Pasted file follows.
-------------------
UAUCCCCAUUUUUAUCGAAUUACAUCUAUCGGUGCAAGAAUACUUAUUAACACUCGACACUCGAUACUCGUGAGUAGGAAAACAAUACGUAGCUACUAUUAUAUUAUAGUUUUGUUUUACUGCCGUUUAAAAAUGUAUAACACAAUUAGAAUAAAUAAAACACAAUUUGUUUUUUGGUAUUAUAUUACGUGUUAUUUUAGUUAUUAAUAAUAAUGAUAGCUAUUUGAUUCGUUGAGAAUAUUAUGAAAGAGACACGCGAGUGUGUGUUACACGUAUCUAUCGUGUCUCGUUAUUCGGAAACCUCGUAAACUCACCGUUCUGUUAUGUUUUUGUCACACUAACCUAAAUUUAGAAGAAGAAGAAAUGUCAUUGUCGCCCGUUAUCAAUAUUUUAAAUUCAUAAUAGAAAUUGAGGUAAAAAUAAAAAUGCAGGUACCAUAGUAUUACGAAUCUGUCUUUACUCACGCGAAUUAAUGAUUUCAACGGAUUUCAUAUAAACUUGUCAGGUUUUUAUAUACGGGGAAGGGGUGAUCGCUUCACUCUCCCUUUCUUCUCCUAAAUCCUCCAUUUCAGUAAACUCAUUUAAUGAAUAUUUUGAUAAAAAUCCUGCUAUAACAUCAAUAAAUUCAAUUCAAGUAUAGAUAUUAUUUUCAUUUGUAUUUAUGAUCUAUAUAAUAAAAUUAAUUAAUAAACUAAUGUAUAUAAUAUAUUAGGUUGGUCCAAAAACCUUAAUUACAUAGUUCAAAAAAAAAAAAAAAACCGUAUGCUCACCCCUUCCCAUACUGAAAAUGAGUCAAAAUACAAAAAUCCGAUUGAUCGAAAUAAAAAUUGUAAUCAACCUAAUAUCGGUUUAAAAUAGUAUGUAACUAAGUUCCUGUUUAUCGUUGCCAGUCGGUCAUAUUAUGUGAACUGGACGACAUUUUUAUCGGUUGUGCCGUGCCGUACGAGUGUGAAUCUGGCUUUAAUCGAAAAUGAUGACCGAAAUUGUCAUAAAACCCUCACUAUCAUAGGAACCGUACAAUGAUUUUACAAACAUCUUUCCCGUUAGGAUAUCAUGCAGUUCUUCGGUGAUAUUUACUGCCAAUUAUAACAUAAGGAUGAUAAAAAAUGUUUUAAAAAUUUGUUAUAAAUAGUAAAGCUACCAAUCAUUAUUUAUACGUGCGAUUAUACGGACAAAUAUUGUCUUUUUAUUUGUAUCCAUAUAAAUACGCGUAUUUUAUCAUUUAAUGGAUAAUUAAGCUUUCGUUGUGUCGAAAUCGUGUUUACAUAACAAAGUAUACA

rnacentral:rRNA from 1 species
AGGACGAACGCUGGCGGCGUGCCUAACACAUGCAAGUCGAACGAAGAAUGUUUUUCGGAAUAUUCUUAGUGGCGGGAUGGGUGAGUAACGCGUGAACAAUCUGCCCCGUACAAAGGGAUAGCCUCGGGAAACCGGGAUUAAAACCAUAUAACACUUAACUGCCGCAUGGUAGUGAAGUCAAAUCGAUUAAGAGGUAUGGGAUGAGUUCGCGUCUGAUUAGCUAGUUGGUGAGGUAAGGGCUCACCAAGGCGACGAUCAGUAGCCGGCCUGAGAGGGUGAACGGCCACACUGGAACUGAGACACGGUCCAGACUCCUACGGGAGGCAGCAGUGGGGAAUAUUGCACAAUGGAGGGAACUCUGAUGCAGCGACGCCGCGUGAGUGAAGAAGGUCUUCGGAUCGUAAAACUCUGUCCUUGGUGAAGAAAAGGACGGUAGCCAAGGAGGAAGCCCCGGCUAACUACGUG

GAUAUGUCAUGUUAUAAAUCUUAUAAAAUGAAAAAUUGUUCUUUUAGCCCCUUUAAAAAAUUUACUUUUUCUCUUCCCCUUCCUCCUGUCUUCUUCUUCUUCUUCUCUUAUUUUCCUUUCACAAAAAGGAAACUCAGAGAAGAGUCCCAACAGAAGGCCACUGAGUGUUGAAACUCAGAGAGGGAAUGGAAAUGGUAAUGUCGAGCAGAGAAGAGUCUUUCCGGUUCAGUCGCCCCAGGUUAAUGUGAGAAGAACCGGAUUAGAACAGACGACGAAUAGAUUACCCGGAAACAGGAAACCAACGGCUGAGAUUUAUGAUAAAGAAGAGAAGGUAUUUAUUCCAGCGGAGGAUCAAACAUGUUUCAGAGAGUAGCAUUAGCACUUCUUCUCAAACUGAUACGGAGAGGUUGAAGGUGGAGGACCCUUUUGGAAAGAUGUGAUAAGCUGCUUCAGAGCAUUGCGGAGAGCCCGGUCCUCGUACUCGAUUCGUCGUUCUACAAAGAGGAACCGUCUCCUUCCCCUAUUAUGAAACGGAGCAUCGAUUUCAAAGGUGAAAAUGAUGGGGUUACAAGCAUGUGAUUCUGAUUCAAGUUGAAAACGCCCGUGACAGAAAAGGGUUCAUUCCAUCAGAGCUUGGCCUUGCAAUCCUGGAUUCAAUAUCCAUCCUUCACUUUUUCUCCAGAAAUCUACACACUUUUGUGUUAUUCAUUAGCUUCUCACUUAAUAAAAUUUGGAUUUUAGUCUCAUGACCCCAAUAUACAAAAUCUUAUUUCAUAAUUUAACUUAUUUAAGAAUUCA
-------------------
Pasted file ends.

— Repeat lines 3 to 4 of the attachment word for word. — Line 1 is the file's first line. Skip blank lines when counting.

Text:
AGGACGAACGCUGGCGGCGUGCCUAACACAUGCAAGUCGAACGAAGAAUGUUUUUCGGAAUAUUCUUAGUGGCGGGAUGGGUGAGUAACGCGUGAACAAUCUGCCCCGUACAAAGGGAUAGCCUCGGGAAACCGGGAUUAAAACCAUAUAACACUUAACUGCCGCAUGGUAGUGAAGUCAAAUCGAUUAAGAGGUAUGGGAUGAGUUCGCGUCUGAUUAGCUAGUUGGUGAGGUAAGGGCUCACCAAGGCGACGAUCAGUAGCCGGCCUGAGAGGGUGAACGGCCACACUGGAACUGAGACACGGUCCAGACUCCUACGGGAGGCAGCAGUGGGGAAUAUUGCACAAUGGAGGGAACUCUGAUGCAGCGACGCCGCGUGAGUGAAGAAGGUCUUCGGAUCGUAAAACUCUGUCCUUGGUGAAGAAAAGGACGGUAGCCAAGGAGGAAGCCCCGGCUAACUACGUG

GAUAUGUCAUGUUAUAAAUCUUAUAAAAUGAAAAAUUGUUCUUUUAGCCCCUUUAAAAAAUUUACUUUUUCUCUUCCCCUUCCUCCUGUCUUCUUCUUCUUCUUCUCUUAUUUUCCUUUCACAAAAAGGAAACUCAGAGAAGAGUCCCAACAGAAGGCCACUGAGUGUUGAAACUCAGAGAGGGAAUGGAAAUGGUAAUGUCGAGCAGAGAAGAGUCUUUCCGGUUCAGUCGCCCCAGGUUAAUGUGAGAAGAACCGGAUUAGAACAGACGACGAAUAGAUUACCCGGAAACAGGAAACCAACGGCUGAGAUUUAUGAUAAAGAAGAGAAGGUAUUUAUUCCAGCGGAGGAUCAAACAUGUUUCAGAGAGUAGCAUUAGCACUUCUUCUCAAACUGAUACGGAGAGGUUGAAGGUGGAGGACCCUUUUGGAAAGAUGUGAUAAGCUGCUUCAGAGCAUUGCGGAGAGCCCGGUCCUCGUACUCGAUUCGUCGUUCUACAAAGAGGAACCGUCUCCUUCCCCUAUUAUGAAACGGAGCAUCGAUUUCAAAGGUGAAAAUGAUGGGGUUACAAGCAUGUGAUUCUGAUUCAAGUUGAAAACGCCCGUGACAGAAAAGGGUUCAUUCCAUCAGAGCUUGGCCUUGCAAUCCUGGAUUCAAUAUCCAUCCUUCACUUUUUCUCCAGAAAUCUACACACUUUUGUGUUAUUCAUUAGCUUCUCACUUAAUAAAAUUUGGAUUUUAGUCUCAUGACCCCAAUAUACAAAAUCUUAUUUCAUAAUUUAACUUAUUUAAGAAUUCA